When Sugar saw the receipt, she remarked, “Those poor firemen!  If they buy their own eyedrops, they are spending a lot.”  She looked at the bottle and saw the Systane drops came from Fort Worth, Texas, made by Alcon Laboratories, Inc.  So she contacted Alcon, talked to someone about the fire and the 2,000 firefighters.  She worked into the conversation that she grew up in Texas.  She asked Alcon to donate some eyedrops and offered to distribute them.  Her Southern charm worked.  Ask and ye shall receive!  The next day boxes and boxes of eyedrops arrived, sent by Alcon via overnight mail.  Bless Alcon for its generosity.

Since then, Miss Sugar has distributed nearly 2,000 bottles of Systane eyedrops at various fire stations and the Red Cross.  All recipients were very grateful.

I am proud of Miss Sugar for even thinking of the idea.  That is how she rolls.  She saw the cost and thought of the firefighters.  Then she did something about it.  Something kind and generous.  No wonder I love her.

And The Skies Are Not Cloudy All Day

Prerequisites:  Where the Buffalo(es) Roam; Where the Deer and the Antelope Play; Don’t Scare Easy

I love the many sunny days in Colorado with cobalt blue skies.  Since the High Park Fire started a couple weeks ago, we have had hot windy weather with smoke-filled skies.  All the photos on this page were taken Friday evening, June 22nd, by Miss Sugar, from our deck.

The fire has been raging since June 8th.  Now it has covered over 68,000 acres and destroyed 191 houses.  Even the Rist Canyon Fire Station burnt down as the volunteer firefighters were helping others.  Five of them also lost their homes.  Miss Sugar has organized a  silent art auction fundraiser for the Rist Canyon Volunteer Fire Department. 

Many people in the community have pitched in to help the persons who have had to evacuate, as well as their pets and livestock.  The Humane Society is beyond capacity so other facilities have taken the overflow, including our own veterinarian.

Many people outside of our community are providing generous assistance, including Red Cross and firefighters from other states.

Again I refer to the song, “Scare Easy,”  paraphrasing:  We don’t scare easy.  Don’t fall apart when we’re under the gun.  You can break our hearts and we ain’t gonna run.  We  don’t scare easy for no one.

On the Run

Yesterday I posted something called “Don’t Scare Easy.”  It was about the courage of the firefighters at the High Park Fire and people evacuated.  Today I am writing about creatures afraid of the fire.

My wife and I have not been required to evacuate from our home as have so many in Larimer County, Colorado.  We are near some areas that have been evacuated, however.

On Saturday, June 16th, we went into Fort Collins. When we returned home, we saw two large black dogs behind our house.  We do not have black dogs.  We had left our yellow Labs in their pen in the barn.  The black dogs were rummaging in a pile of wood.  My guess is that they were trying to get to some rabbits which live under the woodpile.  The dogs appeared hungry.  They looked up when we drove in and parked, and then resumed their task of hunting rabbits by digging, a method unlikely to bring success.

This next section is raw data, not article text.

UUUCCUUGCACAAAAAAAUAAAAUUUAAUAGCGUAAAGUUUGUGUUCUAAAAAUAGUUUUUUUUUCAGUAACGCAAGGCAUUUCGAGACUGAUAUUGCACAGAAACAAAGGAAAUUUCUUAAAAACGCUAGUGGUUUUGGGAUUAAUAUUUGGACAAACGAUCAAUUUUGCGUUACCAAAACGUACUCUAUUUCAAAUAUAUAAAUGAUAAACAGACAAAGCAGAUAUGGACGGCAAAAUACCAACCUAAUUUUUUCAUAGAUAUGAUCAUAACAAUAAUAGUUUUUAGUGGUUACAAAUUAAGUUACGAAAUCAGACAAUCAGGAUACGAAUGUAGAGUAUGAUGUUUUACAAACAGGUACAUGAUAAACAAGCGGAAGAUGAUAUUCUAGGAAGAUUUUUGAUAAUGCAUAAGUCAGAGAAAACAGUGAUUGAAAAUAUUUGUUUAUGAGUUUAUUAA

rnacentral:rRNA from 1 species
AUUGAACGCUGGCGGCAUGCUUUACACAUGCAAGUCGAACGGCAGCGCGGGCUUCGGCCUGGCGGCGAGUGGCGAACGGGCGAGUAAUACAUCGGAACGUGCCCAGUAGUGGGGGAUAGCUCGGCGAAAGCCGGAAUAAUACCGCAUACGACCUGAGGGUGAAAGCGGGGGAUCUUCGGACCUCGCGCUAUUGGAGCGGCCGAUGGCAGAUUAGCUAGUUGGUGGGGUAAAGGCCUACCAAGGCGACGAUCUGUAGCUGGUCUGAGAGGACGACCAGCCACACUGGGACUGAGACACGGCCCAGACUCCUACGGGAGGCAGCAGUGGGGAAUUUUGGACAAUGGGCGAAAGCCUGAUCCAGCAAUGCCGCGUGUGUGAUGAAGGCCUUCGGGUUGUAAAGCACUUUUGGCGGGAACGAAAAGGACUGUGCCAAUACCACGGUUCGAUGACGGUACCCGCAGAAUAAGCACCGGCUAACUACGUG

One of the dogs was a black Lab.  I think it had a collar.  The other dog was much larger and more furry.  I’d guess it was part Newfoundland.

My wife immediately called Larimer County Animal Control.  We suspected that the dogs belonged to someone who had been evacuated from the path of the fire.  She promptly received a return call from an officer who politely thanked us for trying to help the dogs, but candidly stated that no one was available to get them because their department was working to remove animals in the evacuation areas.  We were advised to be careful about approaching dogs on the loose that we did not know.

So I approached the dogs.  I crouched down in a non-threatening position and gently called them.  The lab stopped digging in the woodpile and came a few steps towards me.  The Newfoundland also paused, but then he warily left his task and trotted away, toward our barn.  His action caused the Lab to turn away from me to join his buddy.

In order to avoid a fight, my plan was to get our dogs out of their pen, into our car and up to our house so I could lure the stray dogs into the pen with food.  I would keep them in the pen until someone could come get them, either the owners or an officer from Animal Control.

One of the ways animals that have been separated from their owners in the fire can be reunited is that a photographer friend of ours went to the fairgrounds, where displaced animals have been brought, and took pictures of them.  Then owners searching for their pets can view the “inventory.”

My efforts to proceed with my good plan did not get very far.  The black dogs just kept going, traveling off our property and into a wooded area along the North Poudre Irrigation Canal.  They are on their own, trying to hunt and scavange.  I wish them well.

They are obviously not feral dogs.  They are somebody’s pets.  Their lives have been changed by and challenged by the fire.  I hope they will be reunited with whomever is missing them.  My heart goes out to them all.

Don’t Scare Easy

History, literature, movies, and music include many stories, some even true, about courage.   People admire courage, and should.  Americans, particularly Westerners, pride themselves on facing adversity bravely.  In Colorado, we have many examples, both fact and fiction, about mountain men, pioneers, and cowboys, who are either fearless or overcome fear, which is probably even more admirable.

Tom Petty wrote a song that was featured in the recent movie, Appaloosa.  The song is called  “Scare Easy.”  Some of the lyrics are:  “I don’t scare easy.  Don’t fall apart when I’m under the gun.  You can break my heart and I ain’t gonna run.  I don’t scare easy for no one.”

The High Park Fire in Larimer County, Colorado has been and, as I write this, is still a dangerous and destructive enemy.  We pray for the many who have lost their homes or face losing their homes, and the firefighters who have valiantly worked to protect lives and property.  These folks have demonstrated that they don’t scare easy.  God bless them!